Apperception: Understanding and anticipating the user in space based on neural and behavioural responses

Vladimír Šimkovič, Ivan Kulifaj


We are aware that it is not possible to include all theoretical psychological and neuroscientific starting points in the scope of the work, however, we are of the opinion the mentioned theories and research provide a solid basis for further research in the field of architecture and design. Furthermore, we also perceive the fact that the connection between neuroscience and psychology with design is still in its infancy, especially if we take into account studies originated in Slovakia and the Czech Republic. Therefore, drawing on psychology and neuroscience, we tried to establish a basis, which could be used in the future and modified and updated later on as appropriate. In this work, we have summarized several cognitive processes, which in our opinion are closely related to user experience, namely consciousness, memory, perception, decision-making, physiological arousal of the organism, attention and emotionality. In further theoretical research, we would certainly focus on other cognitive processes, such as learning, the ability to plan and anticipate events, motor coordination, and problem solving. We believe that these cognitive processes are also important in the user’s interaction with space. Learning is largely related to our memory, including spatial memory, meaning that we can assume that user experience can also be influenced by how easy or difficult it is to remember a particular space. Alternatively, it can be affected by the way how the user may feel in similar premises (for example, the stores in the LIDL retail chain are arranged almost all the same). Planning and anticipating events is also an important cognitive factor, for example when designing spaces to be used for fast user actions, such as moving in the underground. Motor coordination can be a significant factor for people with various health (physical) disabilities, such as people using a wheelchair.

We realize that there are other psychological concepts, such as a typology of personality that could be measured in terms of user experience; still we believe that cognitive processes and emotionality are more crucial in this concept. When conceptualizing research design, we stemmed from the assumption of an increased development or developers’ activity and its impact on the environment, as well as the mental world of users. At the same time, we are working with the fact that neuroscience(s) and artificial intelligence are among the most developing fields of today. The main goal is to deepen the understanding of the user’s perception of space and thus push the method of design to a higher quality level. The basis of the research is a question arising from a futuristic concept, but the research findings are also applicable to today’s static architecture, which is the main goal of our dissertation thesis. Today’s application is mainly related to finding and offering the most ideal way to the construction market, or developers. In this case criticism would be justified if the only objective were to help the private sector earn more, however, it is not true. The primary and major goal is to find new ways and techniques of designing architecture that serves people. The goal is to connect all segments that are working together in order to develop the city and enhance the entire process. The expected benefit of the work is to achieve a greater adaptation of today’s architecture. This is one of the few researches that addresses human perception both through the conscious and the subconscious side of the subject, and both theoretically as well as through experiment or research. The work thus brings a different, more accurate view of the information about the user in space. This is further guaranteed by an interdisciplinary team of professionals who will bring views from other crafts, from the perspectives of users, urban structure and investors.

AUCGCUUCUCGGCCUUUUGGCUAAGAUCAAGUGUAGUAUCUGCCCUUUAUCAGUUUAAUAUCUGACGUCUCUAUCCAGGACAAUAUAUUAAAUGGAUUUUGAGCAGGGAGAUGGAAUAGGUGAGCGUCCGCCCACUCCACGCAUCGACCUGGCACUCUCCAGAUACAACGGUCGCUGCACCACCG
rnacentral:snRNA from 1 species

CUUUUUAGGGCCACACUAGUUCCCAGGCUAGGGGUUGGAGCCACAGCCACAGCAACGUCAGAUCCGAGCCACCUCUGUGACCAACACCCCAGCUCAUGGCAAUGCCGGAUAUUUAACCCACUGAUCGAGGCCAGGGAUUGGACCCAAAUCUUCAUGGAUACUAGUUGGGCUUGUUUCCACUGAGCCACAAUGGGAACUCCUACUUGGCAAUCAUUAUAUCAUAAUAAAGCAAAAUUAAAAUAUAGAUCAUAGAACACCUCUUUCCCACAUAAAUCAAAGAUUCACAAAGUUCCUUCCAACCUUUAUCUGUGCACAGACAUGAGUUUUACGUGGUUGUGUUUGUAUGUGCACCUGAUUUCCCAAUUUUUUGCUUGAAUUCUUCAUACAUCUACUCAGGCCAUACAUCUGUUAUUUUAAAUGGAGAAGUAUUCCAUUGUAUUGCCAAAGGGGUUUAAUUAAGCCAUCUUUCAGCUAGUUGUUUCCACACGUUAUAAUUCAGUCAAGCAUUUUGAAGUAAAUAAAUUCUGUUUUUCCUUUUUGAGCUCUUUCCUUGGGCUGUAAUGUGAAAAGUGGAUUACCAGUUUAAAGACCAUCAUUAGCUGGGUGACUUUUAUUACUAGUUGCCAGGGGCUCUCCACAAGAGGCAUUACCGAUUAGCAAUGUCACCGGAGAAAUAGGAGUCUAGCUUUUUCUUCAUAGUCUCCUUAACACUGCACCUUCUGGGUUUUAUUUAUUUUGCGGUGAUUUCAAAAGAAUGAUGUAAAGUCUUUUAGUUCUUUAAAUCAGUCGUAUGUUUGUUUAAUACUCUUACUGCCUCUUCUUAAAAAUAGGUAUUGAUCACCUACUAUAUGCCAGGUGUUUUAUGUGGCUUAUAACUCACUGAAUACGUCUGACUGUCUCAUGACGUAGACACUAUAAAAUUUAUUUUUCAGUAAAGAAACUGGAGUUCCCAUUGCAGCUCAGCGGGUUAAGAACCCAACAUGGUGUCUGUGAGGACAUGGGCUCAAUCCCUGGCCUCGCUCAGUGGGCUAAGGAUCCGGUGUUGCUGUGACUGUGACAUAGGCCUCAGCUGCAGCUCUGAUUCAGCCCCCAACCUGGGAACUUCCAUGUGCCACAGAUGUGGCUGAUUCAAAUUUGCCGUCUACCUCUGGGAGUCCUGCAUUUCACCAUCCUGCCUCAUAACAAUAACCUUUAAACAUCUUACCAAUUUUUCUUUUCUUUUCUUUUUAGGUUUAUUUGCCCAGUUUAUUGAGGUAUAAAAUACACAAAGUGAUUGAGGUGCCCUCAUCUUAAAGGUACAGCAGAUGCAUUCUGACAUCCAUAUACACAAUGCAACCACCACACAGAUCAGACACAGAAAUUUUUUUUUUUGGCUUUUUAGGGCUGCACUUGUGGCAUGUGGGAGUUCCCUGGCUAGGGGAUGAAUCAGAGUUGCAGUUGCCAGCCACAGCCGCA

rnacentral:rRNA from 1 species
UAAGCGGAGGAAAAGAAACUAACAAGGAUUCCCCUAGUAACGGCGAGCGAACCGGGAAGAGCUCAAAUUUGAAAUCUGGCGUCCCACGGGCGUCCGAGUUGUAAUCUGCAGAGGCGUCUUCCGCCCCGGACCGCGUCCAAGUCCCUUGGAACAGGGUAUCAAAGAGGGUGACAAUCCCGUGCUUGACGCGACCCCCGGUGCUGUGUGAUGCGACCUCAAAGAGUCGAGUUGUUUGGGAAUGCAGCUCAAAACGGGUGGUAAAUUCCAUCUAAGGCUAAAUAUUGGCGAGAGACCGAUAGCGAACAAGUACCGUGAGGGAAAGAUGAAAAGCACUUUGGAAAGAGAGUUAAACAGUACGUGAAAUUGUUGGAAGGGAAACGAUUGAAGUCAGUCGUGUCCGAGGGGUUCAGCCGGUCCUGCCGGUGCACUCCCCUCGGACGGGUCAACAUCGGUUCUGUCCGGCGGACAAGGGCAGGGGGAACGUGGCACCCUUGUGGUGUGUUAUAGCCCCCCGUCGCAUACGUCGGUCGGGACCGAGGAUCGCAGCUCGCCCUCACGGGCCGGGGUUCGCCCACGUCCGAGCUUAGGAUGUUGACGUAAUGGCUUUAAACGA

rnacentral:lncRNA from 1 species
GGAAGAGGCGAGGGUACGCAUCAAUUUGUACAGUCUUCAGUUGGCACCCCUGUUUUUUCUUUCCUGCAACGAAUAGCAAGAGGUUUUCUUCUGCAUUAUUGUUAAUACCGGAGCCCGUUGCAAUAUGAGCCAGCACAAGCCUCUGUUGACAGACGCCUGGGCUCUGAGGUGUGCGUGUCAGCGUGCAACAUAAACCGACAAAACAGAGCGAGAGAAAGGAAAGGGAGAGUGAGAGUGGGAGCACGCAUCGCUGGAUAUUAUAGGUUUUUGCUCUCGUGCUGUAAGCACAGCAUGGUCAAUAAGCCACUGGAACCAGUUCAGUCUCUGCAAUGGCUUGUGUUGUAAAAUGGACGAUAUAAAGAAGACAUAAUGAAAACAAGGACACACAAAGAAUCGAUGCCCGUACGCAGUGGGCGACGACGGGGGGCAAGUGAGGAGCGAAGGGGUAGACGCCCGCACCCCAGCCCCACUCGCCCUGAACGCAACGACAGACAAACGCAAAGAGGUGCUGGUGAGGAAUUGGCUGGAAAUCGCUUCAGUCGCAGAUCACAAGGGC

Keywords: architecture, psychology, artificial intelligence, neuroarchitecture, human perception